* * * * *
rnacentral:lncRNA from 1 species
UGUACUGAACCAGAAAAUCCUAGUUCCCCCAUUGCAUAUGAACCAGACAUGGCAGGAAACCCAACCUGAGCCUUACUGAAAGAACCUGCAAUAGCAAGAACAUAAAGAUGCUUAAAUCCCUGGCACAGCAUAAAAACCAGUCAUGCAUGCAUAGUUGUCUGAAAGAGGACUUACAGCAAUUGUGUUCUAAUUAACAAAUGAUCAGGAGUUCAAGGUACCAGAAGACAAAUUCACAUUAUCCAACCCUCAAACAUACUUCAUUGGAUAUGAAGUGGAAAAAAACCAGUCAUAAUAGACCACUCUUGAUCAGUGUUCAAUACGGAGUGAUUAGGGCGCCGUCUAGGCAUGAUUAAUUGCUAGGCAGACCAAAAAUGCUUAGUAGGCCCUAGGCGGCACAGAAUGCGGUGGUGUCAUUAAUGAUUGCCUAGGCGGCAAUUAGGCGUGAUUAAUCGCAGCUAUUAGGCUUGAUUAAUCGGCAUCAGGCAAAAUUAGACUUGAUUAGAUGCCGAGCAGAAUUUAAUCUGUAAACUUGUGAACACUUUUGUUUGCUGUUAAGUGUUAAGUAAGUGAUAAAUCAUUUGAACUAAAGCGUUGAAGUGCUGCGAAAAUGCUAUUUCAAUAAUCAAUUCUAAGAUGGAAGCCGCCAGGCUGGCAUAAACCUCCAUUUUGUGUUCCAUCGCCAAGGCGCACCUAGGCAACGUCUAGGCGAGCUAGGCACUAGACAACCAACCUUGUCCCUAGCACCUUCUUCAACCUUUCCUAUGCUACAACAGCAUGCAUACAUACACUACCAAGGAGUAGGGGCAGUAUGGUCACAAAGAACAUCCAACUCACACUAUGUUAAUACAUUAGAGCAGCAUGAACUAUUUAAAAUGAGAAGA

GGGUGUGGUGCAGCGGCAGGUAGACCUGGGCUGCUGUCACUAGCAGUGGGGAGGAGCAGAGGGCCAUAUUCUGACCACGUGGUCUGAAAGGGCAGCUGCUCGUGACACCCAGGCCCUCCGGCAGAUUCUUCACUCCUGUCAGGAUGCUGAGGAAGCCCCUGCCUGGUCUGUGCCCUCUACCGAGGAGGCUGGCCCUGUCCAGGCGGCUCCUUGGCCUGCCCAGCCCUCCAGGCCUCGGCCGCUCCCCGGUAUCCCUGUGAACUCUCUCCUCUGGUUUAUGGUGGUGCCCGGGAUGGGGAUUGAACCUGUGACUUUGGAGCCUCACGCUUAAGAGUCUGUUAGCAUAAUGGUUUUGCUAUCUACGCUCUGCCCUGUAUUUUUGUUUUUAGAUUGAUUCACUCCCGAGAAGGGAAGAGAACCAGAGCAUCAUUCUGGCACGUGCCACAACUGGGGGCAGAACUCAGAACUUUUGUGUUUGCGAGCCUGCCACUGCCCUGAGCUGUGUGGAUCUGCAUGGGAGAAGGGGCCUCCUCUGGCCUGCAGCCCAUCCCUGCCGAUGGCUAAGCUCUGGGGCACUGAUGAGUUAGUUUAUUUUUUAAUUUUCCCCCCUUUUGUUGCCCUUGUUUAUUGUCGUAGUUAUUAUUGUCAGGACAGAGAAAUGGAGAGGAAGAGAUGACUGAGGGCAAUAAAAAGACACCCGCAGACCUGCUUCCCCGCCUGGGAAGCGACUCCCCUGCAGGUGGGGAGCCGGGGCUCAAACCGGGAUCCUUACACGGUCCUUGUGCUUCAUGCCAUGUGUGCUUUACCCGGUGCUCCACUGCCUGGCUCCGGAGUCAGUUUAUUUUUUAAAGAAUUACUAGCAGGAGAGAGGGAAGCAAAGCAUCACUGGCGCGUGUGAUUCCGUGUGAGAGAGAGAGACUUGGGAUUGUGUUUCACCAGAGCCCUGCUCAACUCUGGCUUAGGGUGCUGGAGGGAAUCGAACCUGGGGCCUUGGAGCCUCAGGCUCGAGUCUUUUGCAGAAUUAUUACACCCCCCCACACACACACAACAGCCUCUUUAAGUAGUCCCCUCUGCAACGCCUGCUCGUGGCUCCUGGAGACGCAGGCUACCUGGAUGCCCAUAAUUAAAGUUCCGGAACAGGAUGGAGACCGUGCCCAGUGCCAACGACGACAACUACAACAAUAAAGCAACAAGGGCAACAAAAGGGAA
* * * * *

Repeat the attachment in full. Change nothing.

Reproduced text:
rnacentral:lncRNA from 1 species
UGUACUGAACCAGAAAAUCCUAGUUCCCCCAUUGCAUAUGAACCAGACAUGGCAGGAAACCCAACCUGAGCCUUACUGAAAGAACCUGCAAUAGCAAGAACAUAAAGAUGCUUAAAUCCCUGGCACAGCAUAAAAACCAGUCAUGCAUGCAUAGUUGUCUGAAAGAGGACUUACAGCAAUUGUGUUCUAAUUAACAAAUGAUCAGGAGUUCAAGGUACCAGAAGACAAAUUCACAUUAUCCAACCCUCAAACAUACUUCAUUGGAUAUGAAGUGGAAAAAAACCAGUCAUAAUAGACCACUCUUGAUCAGUGUUCAAUACGGAGUGAUUAGGGCGCCGUCUAGGCAUGAUUAAUUGCUAGGCAGACCAAAAAUGCUUAGUAGGCCCUAGGCGGCACAGAAUGCGGUGGUGUCAUUAAUGAUUGCCUAGGCGGCAAUUAGGCGUGAUUAAUCGCAGCUAUUAGGCUUGAUUAAUCGGCAUCAGGCAAAAUUAGACUUGAUUAGAUGCCGAGCAGAAUUUAAUCUGUAAACUUGUGAACACUUUUGUUUGCUGUUAAGUGUUAAGUAAGUGAUAAAUCAUUUGAACUAAAGCGUUGAAGUGCUGCGAAAAUGCUAUUUCAAUAAUCAAUUCUAAGAUGGAAGCCGCCAGGCUGGCAUAAACCUCCAUUUUGUGUUCCAUCGCCAAGGCGCACCUAGGCAACGUCUAGGCGAGCUAGGCACUAGACAACCAACCUUGUCCCUAGCACCUUCUUCAACCUUUCCUAUGCUACAACAGCAUGCAUACAUACACUACCAAGGAGUAGGGGCAGUAUGGUCACAAAGAACAUCCAACUCACACUAUGUUAAUACAUUAGAGCAGCAUGAACUAUUUAAAAUGAGAAGA

GGGUGUGGUGCAGCGGCAGGUAGACCUGGGCUGCUGUCACUAGCAGUGGGGAGGAGCAGAGGGCCAUAUUCUGACCACGUGGUCUGAAAGGGCAGCUGCUCGUGACACCCAGGCCCUCCGGCAGAUUCUUCACUCCUGUCAGGAUGCUGAGGAAGCCCCUGCCUGGUCUGUGCCCUCUACCGAGGAGGCUGGCCCUGUCCAGGCGGCUCCUUGGCCUGCCCAGCCCUCCAGGCCUCGGCCGCUCCCCGGUAUCCCUGUGAACUCUCUCCUCUGGUUUAUGGUGGUGCCCGGGAUGGGGAUUGAACCUGUGACUUUGGAGCCUCACGCUUAAGAGUCUGUUAGCAUAAUGGUUUUGCUAUCUACGCUCUGCCCUGUAUUUUUGUUUUUAGAUUGAUUCACUCCCGAGAAGGGAAGAGAACCAGAGCAUCAUUCUGGCACGUGCCACAACUGGGGGCAGAACUCAGAACUUUUGUGUUUGCGAGCCUGCCACUGCCCUGAGCUGUGUGGAUCUGCAUGGGAGAAGGGGCCUCCUCUGGCCUGCAGCCCAUCCCUGCCGAUGGCUAAGCUCUGGGGCACUGAUGAGUUAGUUUAUUUUUUAAUUUUCCCCCCUUUUGUUGCCCUUGUUUAUUGUCGUAGUUAUUAUUGUCAGGACAGAGAAAUGGAGAGGAAGAGAUGACUGAGGGCAAUAAAAAGACACCCGCAGACCUGCUUCCCCGCCUGGGAAGCGACUCCCCUGCAGGUGGGGAGCCGGGGCUCAAACCGGGAUCCUUACACGGUCCUUGUGCUUCAUGCCAUGUGUGCUUUACCCGGUGCUCCACUGCCUGGCUCCGGAGUCAGUUUAUUUUUUAAAGAAUUACUAGCAGGAGAGAGGGAAGCAAAGCAUCACUGGCGCGUGUGAUUCCGUGUGAGAGAGAGAGACUUGGGAUUGUGUUUCACCAGAGCCCUGCUCAACUCUGGCUUAGGGUGCUGGAGGGAAUCGAACCUGGGGCCUUGGAGCCUCAGGCUCGAGUCUUUUGCAGAAUUAUUACACCCCCCCACACACACACAACAGCCUCUUUAAGUAGUCCCCUCUGCAACGCCUGCUCGUGGCUCCUGGAGACGCAGGCUACCUGGAUGCCCAUAAUUAAAGUUCCGGAACAGGAUGGAGACCGUGCCCAGUGCCAACGACGACAACUACAACAAUAAAGCAACAAGGGCAACAAAAGGGAA